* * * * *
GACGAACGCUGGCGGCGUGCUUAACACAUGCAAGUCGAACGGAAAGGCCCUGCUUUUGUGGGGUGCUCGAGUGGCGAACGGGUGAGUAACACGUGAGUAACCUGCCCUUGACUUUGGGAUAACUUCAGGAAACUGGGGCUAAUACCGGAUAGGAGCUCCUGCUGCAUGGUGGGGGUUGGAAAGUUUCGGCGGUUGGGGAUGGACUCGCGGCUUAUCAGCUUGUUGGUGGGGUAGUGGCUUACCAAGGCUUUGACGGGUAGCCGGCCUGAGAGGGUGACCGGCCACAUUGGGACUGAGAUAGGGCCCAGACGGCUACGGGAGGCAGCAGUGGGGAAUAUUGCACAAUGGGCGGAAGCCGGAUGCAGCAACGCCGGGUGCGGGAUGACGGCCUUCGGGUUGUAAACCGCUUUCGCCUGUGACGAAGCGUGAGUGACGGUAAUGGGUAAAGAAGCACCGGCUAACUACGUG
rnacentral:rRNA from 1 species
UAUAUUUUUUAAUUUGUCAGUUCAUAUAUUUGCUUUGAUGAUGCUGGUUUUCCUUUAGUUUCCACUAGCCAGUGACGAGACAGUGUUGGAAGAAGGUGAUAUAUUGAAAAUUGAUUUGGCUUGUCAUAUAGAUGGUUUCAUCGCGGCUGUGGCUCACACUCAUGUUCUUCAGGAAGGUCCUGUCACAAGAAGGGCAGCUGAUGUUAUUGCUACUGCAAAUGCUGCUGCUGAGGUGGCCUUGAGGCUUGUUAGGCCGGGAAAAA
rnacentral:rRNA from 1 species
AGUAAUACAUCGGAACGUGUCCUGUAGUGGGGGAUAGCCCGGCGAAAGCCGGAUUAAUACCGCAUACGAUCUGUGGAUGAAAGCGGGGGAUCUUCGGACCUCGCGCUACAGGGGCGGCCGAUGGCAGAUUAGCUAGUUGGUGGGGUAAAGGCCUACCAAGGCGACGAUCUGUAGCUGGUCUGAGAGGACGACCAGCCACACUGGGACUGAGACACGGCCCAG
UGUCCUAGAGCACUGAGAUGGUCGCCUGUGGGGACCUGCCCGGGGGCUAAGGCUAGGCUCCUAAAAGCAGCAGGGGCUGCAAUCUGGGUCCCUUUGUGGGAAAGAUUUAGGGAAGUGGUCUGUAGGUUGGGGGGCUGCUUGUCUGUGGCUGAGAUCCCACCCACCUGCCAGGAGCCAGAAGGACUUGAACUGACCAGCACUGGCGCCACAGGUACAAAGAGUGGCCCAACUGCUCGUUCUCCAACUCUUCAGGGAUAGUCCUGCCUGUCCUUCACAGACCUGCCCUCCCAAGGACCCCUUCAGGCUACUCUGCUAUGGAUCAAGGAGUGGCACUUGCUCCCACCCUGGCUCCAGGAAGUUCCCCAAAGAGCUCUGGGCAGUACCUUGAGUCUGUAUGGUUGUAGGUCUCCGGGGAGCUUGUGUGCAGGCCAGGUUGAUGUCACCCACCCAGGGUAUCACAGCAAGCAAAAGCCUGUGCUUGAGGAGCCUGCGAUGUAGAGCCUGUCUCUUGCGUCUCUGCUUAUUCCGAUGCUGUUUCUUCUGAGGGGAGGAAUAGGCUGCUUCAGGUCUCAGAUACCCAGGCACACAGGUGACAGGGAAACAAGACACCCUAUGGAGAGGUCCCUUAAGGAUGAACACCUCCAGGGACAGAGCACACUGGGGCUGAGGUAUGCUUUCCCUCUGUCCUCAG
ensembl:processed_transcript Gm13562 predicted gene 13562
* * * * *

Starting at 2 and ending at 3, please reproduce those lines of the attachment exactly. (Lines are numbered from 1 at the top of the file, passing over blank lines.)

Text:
rnacentral:rRNA from 1 species
UAUAUUUUUUAAUUUGUCAGUUCAUAUAUUUGCUUUGAUGAUGCUGGUUUUCCUUUAGUUUCCACUAGCCAGUGACGAGACAGUGUUGGAAGAAGGUGAUAUAUUGAAAAUUGAUUUGGCUUGUCAUAUAGAUGGUUUCAUCGCGGCUGUGGCUCACACUCAUGUUCUUCAGGAAGGUCCUGUCACAAGAAGGGCAGCUGAUGUUAUUGCUACUGCAAAUGCUGCUGCUGAGGUGGCCUUGAGGCUUGUUAGGCCGGGAAAAA